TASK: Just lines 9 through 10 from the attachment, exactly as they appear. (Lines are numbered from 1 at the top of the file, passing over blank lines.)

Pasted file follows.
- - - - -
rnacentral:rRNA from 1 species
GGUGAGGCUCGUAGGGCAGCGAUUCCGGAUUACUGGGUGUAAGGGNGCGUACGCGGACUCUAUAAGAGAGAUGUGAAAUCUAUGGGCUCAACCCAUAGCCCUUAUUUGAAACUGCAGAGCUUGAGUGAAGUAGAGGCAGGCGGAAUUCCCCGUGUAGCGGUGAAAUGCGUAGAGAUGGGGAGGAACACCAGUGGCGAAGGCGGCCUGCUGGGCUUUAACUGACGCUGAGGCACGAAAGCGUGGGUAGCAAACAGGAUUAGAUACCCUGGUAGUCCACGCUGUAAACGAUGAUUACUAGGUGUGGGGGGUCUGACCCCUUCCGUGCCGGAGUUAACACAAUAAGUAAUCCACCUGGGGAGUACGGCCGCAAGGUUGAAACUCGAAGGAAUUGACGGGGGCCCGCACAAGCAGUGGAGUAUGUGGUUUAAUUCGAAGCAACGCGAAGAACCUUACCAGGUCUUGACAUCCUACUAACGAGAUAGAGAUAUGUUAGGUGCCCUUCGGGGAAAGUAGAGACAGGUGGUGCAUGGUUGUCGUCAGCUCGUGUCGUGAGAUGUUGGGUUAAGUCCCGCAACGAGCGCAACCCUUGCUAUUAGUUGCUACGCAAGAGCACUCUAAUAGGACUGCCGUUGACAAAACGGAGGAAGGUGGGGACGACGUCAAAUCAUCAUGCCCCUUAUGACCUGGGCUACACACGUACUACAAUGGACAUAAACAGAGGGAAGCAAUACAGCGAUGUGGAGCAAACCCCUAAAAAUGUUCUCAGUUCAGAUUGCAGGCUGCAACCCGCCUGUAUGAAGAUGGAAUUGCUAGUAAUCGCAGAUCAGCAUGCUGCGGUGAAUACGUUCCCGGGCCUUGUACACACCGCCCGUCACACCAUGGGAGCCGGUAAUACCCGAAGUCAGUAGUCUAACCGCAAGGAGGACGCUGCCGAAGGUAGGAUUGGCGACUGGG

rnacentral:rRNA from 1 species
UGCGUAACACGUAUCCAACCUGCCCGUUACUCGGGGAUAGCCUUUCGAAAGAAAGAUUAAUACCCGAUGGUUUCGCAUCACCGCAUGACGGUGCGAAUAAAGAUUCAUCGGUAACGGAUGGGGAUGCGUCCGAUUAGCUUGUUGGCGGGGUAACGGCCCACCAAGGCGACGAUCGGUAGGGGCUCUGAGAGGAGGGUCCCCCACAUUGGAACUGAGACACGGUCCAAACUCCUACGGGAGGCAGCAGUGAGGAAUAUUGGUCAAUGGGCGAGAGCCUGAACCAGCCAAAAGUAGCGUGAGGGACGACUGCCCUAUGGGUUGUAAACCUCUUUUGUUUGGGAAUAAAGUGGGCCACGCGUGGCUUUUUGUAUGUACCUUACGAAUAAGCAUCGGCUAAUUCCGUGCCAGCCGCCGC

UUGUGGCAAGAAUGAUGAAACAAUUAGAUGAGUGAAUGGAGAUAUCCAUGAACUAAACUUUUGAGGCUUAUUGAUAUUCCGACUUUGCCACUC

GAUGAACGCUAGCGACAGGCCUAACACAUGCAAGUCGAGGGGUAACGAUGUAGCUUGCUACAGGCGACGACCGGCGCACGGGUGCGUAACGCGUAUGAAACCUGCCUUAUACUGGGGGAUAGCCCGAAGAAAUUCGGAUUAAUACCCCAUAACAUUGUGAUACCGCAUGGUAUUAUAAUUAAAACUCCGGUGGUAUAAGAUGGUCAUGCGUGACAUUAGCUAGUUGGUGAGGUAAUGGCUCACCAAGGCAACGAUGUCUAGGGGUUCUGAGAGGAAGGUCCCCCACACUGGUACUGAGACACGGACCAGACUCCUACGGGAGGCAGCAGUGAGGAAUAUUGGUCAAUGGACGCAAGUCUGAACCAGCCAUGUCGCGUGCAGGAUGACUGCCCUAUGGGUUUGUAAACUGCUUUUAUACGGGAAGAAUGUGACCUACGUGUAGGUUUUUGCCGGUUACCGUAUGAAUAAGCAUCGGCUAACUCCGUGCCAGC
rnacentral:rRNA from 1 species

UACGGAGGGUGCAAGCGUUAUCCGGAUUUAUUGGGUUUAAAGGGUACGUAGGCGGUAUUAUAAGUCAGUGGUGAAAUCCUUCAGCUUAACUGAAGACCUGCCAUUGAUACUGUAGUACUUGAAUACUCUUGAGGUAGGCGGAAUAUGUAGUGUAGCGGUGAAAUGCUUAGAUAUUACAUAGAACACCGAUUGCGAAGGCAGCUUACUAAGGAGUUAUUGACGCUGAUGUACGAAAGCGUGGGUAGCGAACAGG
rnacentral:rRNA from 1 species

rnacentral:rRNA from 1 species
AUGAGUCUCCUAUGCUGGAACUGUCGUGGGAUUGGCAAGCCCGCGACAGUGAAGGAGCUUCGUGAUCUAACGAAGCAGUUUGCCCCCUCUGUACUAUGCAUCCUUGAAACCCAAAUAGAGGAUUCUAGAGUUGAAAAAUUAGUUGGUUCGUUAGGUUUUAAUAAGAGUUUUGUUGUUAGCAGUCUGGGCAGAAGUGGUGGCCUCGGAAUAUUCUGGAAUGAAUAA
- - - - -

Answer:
rnacentral:rRNA from 1 species

rnacentral:rRNA from 1 species